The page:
Earlier this week I attended a very thoughtful and stimulating debate on the modernization of U.S. nuclear missiles hosted by the Project on Nuclear Issues (PONI) at CSIS. The debate addressed the merits and downsides of two planned U.S. nuclear delivery system recapitalization efforts: the Ground Based Strategic Deterrent intended to replace the Minuteman III ballistic missile system, and the Long-Range Stand-Off (LRSO) cruise missile that is supposed to replace the AGM-86 air-launched cruise missile (ALCM). The ALCM is a dual-capable missile, meaning it can carry either a nuclear or conventional payload. While the LRSO is planned to be only used for nuclear missions, in a conflict scenario it would be hard to discern between it and a conventionally-armed cruise missile until the moment of impact.
One topic raised during the debate was the effect of the LRSO on strategic stability, an important and hotly debated issue. The advocates of the LRSO downplayed the destabilizing potential of the system by pointing out that the United States has used dual-capable cruise missiles in past conflicts. Concerns about strategic stability should be kept in mind, they argued, but the United States has a track record of using dual-capable cruise missiles while safely navigating such concerns.
This argument may be technically true, but it ignores a critical fact: all past uses of dual-capable cruise missiles were in conflicts with countries that did not have nuclear weapons—not between two nuclear-armed countries. Policymakers should be wary of arguments that use historical evidence to dismiss or downplay the negative effects of LRSO on strategic stability because there are no adequate past cases to test such arguments against.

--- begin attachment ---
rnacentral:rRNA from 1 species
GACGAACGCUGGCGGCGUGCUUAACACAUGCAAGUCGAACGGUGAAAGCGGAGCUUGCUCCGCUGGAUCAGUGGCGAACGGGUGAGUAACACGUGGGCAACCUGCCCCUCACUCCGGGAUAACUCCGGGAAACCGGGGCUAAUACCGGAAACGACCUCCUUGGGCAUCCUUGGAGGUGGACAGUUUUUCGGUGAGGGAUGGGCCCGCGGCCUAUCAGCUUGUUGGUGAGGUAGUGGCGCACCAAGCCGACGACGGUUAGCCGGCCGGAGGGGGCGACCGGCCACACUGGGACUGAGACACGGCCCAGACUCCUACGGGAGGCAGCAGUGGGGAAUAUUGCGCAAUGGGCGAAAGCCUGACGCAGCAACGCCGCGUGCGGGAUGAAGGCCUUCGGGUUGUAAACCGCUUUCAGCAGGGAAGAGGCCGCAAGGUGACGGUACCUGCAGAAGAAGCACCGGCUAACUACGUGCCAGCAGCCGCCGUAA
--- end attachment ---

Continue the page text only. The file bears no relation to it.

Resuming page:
Such an oversight is especially damning when one considers the likely targets of the LRSO. The missile, and the B-21 bombers supposed to carry them into combat, are designed to penetrate the dense and increasingly complex air defense networks of “near-peer” adversaries like China and Russia. This enhances the ability of the U.S. Air Force to hold high-value targets, such as command and control facilities, military bases, and enemy nuclear forces, at risk. However, the same bombers could also be armed with conventional cruise missiles.
The ambiguity about whether a cruise missile is nuclear or conventional poses a dilemma for nuclear-armed opponents in a conflict or crisis situation. If the United States starts destroying high-value targets necessary for the effective use of nuclear weapons, will adversaries feel pressure to either escalate the conflict in the hope of getting the strikes to stop or use nuclear weapons while they still have some ability to do so? Will the adversary be able to quickly determine what kind of cruise missile was used against it if communications links are damaged and they suspect more missiles are incoming? The decision to develop and field the LRSO greatly affects these questions. If the United States only possessed conventional cruise missiles, then the target would be more confident that they were not under nuclear attack.
Countries that the United States has already used dual-capable cruise missiles against did not possess nuclear weapons. Therefore, the United States and the targeted countries did not have to grapple with the dilemma. Firing Tomahawk missiles at a Syrian air base or using ALCMs to punish Saddam Hussein for attacking a Kurdish safe haven does not carry the same escalation risks as using conventional cruise missiles to tear down Russian or Chinese air defense networks.
It is misleading and irresponsible to point to past uses of dual-capable cruise missiles to downplay concerns about the LRSO. Historical evidence cannot settle this debate because there are no cases of the United States using a dual-capable cruise missile against a nuclear-armed adversary. There should be a lively discussion of the LRSO’s impact on strategic stability, but that discussion needs to have sound arguments.